Dust Over the Red Sea
June 27, 2013
Dust plumes blew off the coast of Sudan and across the Red Sea on July 26, 2012. The Moderate Resolution Imaging Spectroradiometer (MODIS) on NASA’s Aqua satellite took this picture the same day. MODIS captured the dust storm activity for its third consecutive day on July 26. A few plumes apparently arose from distinct source points near the coast, but farther inland, a large plume of dust also snaked it way roughly northeastward over the desert. A huge network of impermanent rivers stretches across the Nubian Desert in northeastern Sudan, and the fine sediments from these riverbeds can provide plentiful material for dust storms. Credit: NASA image courtesy LANCE MODIS Rapid Response Team at NASA GSFC. Caption by Michon Scott.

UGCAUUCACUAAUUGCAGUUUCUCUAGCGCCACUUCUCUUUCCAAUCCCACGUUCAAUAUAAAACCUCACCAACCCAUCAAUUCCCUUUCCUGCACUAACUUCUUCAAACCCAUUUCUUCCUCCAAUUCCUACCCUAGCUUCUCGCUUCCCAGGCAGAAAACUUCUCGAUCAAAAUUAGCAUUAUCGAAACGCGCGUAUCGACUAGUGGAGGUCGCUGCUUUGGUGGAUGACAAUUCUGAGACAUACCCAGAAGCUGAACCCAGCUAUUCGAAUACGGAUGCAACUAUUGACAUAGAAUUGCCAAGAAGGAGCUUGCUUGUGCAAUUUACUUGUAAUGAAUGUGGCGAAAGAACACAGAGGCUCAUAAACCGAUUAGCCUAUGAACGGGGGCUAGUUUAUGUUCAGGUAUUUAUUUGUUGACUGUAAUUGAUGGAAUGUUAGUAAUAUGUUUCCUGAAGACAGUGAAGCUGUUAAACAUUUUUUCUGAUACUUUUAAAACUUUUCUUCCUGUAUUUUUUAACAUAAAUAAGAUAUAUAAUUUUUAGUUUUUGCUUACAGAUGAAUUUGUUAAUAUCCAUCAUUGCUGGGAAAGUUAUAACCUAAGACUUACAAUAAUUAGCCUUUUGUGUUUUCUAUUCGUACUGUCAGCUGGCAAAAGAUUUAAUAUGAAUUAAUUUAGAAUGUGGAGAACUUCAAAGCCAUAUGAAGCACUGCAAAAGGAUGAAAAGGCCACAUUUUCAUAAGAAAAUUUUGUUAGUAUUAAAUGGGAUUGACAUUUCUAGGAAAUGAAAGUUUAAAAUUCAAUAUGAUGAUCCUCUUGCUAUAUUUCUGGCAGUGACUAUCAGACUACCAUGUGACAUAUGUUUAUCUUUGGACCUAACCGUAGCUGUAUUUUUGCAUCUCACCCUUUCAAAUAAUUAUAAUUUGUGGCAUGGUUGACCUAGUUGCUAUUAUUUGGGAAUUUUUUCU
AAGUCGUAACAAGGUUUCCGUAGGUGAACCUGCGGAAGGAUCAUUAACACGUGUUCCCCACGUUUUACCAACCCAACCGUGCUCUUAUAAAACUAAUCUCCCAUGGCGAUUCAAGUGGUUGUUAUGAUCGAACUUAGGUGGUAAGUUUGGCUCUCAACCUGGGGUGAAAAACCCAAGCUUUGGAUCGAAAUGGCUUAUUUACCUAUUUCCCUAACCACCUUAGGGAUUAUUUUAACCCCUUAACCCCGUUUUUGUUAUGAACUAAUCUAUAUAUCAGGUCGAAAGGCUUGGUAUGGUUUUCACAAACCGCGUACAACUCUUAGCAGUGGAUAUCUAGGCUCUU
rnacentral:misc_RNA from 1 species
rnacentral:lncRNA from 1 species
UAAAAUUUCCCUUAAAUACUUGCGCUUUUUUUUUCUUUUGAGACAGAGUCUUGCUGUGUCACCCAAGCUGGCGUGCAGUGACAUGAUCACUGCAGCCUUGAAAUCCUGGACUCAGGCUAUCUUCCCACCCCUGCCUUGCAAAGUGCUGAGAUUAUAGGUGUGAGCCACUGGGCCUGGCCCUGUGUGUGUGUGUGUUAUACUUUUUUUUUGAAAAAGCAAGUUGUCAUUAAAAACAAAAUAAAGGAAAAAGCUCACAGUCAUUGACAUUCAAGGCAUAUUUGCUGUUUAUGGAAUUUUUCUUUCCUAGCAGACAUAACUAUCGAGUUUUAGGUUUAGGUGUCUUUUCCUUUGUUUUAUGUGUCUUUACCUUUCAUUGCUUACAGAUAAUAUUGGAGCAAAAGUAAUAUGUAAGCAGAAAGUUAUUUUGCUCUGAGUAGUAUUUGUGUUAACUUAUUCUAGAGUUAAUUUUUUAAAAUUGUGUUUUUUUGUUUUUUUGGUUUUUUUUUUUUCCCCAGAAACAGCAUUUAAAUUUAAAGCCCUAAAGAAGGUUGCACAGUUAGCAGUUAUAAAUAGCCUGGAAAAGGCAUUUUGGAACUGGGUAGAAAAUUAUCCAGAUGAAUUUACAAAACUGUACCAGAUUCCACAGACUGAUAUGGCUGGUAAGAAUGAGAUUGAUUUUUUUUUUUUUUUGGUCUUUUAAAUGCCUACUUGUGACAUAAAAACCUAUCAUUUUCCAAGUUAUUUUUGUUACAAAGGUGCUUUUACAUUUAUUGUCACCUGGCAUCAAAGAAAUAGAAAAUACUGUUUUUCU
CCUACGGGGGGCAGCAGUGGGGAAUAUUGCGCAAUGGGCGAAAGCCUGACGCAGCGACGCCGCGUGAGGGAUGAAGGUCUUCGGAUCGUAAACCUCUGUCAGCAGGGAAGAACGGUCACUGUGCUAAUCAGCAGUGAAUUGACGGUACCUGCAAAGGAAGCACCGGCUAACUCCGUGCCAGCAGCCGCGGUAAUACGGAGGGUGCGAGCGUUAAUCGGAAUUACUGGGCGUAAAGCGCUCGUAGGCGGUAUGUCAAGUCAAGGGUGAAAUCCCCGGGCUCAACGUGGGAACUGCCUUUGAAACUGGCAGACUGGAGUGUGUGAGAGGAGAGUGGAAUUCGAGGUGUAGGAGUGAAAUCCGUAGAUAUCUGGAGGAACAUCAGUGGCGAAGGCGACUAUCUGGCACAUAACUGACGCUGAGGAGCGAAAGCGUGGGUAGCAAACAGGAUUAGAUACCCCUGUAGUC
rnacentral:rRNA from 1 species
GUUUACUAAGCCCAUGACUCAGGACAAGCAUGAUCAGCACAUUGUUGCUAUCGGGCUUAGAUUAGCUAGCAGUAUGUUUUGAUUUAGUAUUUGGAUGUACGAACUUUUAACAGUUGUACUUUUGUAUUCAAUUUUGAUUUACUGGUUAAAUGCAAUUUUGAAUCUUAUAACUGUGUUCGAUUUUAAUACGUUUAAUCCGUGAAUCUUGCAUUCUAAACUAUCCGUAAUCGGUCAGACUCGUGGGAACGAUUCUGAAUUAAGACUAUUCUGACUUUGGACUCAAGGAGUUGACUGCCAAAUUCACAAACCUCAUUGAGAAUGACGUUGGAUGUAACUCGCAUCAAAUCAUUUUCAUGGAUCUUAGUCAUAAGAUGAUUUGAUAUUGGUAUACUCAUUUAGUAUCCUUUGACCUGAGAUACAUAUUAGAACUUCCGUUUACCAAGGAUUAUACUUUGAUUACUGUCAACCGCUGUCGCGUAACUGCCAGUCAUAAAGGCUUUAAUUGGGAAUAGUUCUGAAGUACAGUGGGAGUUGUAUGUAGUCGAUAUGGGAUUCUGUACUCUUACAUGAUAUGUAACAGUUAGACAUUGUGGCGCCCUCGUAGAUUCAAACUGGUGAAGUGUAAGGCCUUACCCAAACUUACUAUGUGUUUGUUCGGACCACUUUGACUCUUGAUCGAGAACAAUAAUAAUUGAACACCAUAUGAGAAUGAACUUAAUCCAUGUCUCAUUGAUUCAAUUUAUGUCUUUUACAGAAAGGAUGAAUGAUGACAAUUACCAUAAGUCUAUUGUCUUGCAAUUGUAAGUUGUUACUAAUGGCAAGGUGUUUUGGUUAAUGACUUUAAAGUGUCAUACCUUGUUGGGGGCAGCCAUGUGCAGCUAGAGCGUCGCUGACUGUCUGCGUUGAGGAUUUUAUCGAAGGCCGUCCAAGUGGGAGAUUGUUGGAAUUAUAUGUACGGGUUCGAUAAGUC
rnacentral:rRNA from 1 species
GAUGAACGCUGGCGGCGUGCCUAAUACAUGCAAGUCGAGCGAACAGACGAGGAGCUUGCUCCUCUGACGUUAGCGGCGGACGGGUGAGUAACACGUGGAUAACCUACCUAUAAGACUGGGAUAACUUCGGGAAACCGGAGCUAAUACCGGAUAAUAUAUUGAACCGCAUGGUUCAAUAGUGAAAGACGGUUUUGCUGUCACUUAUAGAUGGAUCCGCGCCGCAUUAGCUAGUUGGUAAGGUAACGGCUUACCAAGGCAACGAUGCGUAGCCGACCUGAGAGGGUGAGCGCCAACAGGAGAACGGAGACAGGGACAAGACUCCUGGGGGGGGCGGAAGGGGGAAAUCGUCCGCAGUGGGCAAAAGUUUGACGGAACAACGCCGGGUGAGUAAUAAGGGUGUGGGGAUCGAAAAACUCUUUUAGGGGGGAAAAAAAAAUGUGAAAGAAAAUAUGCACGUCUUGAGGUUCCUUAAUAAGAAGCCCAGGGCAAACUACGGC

Topics: Disaster Accident, Spacecraft, Meteorology, Atmospheric sciences, Weather, LANCE MODIS, Nubian Desert, Dust storm, Particulates, Dust, Moderate-Resolution Imaging Spectroradiometer, Aqua, Storm, Io, Environment